The one previously unpublished essay, and the highlight of the book, will blow the minds of even the best-read music aficionados. “Chacona, Lamento, Walking Blues” is Ross’s study of the basso lamento, a repeating bass line meant to represent sorrow across multiple styles of music, from the earliest flamenco melodies to modern-day blue riffs. (He points the reader to both Bach’s 1714 cantata “Weinen, Klagen, Sorgen, Zagen” and Skip James’s “Devil Got My Woman” as viable examples of this weepy progression.). He traces this melodic marker not only as a strand of sonic DNA across different genres, but as a narrative device that marks storytelling from different kinds of musical authors. (The book’s illustrative playlist is available on iTunes for $20.00, or you can go to the book’s website to sample mentioned songs for free.) It would be a shame to read Ross’s criticism without your headphones on: his description of Marian Anderson’s voice is lush and accurate—“caressing little slides from note to note and a delicately trembling tone adding human warmth”—, but one has to listen to the recording to get the full effect. His affection or derision is so perfectly pitched, you want to run to your radio, your iPod, whatever source you prefer, to share in his enthusiasm.
¶ In a chummy little piece at The Reformed Broker, “Blogging on the Shoulders of Giants,” Joshua Brown pulls a coy tent over fellow admirers of the hedge fund superstars — all the while warming up some crocodile tears about the hit that a few of them are taking on Bank of America, and how much it hurts no matter what they say.
A post I wrote yesterday about the reflationista hedge funds with big positions in Bank of America spread like wildfire. John Paulson, David Tepper and mutual fund manager Bruce Berkowitz all have monstrous stakes in BofA, as a play on the recovery of housing and employment over the intermediate to long-term but my take was that this mortgage fraud issue hit them like a ton of bricks.
Over on CNBC’s NetNet blog, my pal John Carney disagrees with me, saying that the government will sweep this issue under the rug before these hedge fund shareholders even bat an eyelash. Teri Buhl has her take up at Forbes in which she says I am wrong about these hedge funds fretting because they are looking out to 2012 and beyond for their investment theses to play out. Further, she asserts, they have such low cost averages in BAC shares that any volatility is unimportant.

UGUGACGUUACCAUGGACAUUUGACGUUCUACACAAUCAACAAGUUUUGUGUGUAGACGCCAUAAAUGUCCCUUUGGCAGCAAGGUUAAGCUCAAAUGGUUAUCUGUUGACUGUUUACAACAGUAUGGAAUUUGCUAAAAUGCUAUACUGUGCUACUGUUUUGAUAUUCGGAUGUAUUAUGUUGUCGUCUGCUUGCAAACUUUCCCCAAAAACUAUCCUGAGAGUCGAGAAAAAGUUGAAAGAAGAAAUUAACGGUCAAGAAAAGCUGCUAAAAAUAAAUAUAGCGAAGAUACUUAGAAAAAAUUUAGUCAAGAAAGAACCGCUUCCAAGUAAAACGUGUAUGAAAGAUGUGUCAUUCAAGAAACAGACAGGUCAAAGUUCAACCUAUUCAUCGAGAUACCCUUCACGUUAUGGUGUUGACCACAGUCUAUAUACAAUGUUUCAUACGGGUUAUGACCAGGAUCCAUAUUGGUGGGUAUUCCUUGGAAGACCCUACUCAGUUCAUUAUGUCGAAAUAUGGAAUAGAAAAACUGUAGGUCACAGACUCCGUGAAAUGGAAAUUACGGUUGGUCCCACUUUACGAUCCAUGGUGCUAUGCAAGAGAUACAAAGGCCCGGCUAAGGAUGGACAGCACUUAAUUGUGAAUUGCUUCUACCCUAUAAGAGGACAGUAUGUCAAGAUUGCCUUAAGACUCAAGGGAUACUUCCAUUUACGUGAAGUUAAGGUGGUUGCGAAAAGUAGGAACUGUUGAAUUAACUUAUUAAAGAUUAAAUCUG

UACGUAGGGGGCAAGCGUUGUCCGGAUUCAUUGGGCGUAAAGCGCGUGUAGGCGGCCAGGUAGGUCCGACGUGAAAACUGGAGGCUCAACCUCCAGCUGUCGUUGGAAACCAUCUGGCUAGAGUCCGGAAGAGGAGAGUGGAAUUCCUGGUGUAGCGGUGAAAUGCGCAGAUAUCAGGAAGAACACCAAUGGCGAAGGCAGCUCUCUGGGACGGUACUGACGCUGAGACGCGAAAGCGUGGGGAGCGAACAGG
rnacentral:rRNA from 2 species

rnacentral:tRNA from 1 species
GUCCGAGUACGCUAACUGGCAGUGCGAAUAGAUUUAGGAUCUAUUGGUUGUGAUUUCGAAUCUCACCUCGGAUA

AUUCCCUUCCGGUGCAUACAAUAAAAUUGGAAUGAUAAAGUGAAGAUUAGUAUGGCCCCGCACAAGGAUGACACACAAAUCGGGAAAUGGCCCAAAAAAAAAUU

While I respect both Buhl’s and Carney’s take, they are both wrong.
They are each missing the fact that regardless of what the government does or what price BAC trades at in 2 years, a lot of damage has already been done in a short period of time. As someone who has been running money for a decade, I can promise you that when Bank of America trades from 19 to 11 in 6 months, a 40% suicide dive against a market that is flat to up, these guys feel it - regardless of what their pr flacks say to reporters. You can’t not feel that and nobody running a multi-billion dollar hedge fund with their name on the door is ever “unconcerned” with an unknown like Foreclosuregate.
Okay, “crocodile tears” is mean. We’re sorry.
¶ The idea that opposition makes people intransigent, advanced by Leon Festinger half a century ago, has only now been tested, and not only demonstrated but proved in a way that supports our intuitive (as yet untested) view that calm and security are essential for civilized life. In conversational terms, this means that doubt and uncertainty must be handled with great tact. Ed Yong reports, at Not Exactly Rocket Science.
In their first experiment, Gal and Rucker asked 88 students to write about their views on animal testing for consumer goods, but only half of them were allowed to use their preferred hand. This may seem random, but previous studies have shown that people have less confidence in what they write with the hand they’re less comfortable with. Indeed, that’s what Gal and Rucker found in their study. When asked later, the volunteers who didn’t use their dominant hand were less confident in their views.
However, they were also more likely to try and persuade others of those same views. When they were asked to write something to persuade someone else about their opinions, those who felt less confident wrote significantly longer missives. With a sliver of doubt in their minds, they spent more effort in their attempts at persuasion.
Gal and Rucker also found that this extra effort vanished if the volunteers had a chance to affirm their own identity beforehand. If they were asked to identify their favourite items (books, cities, songs and so on) before writing about animal testing, the choice of hand had no effect on their advocacy attempts. If they were asked to say what their parents’ favourite things were, the hand effect reappeared.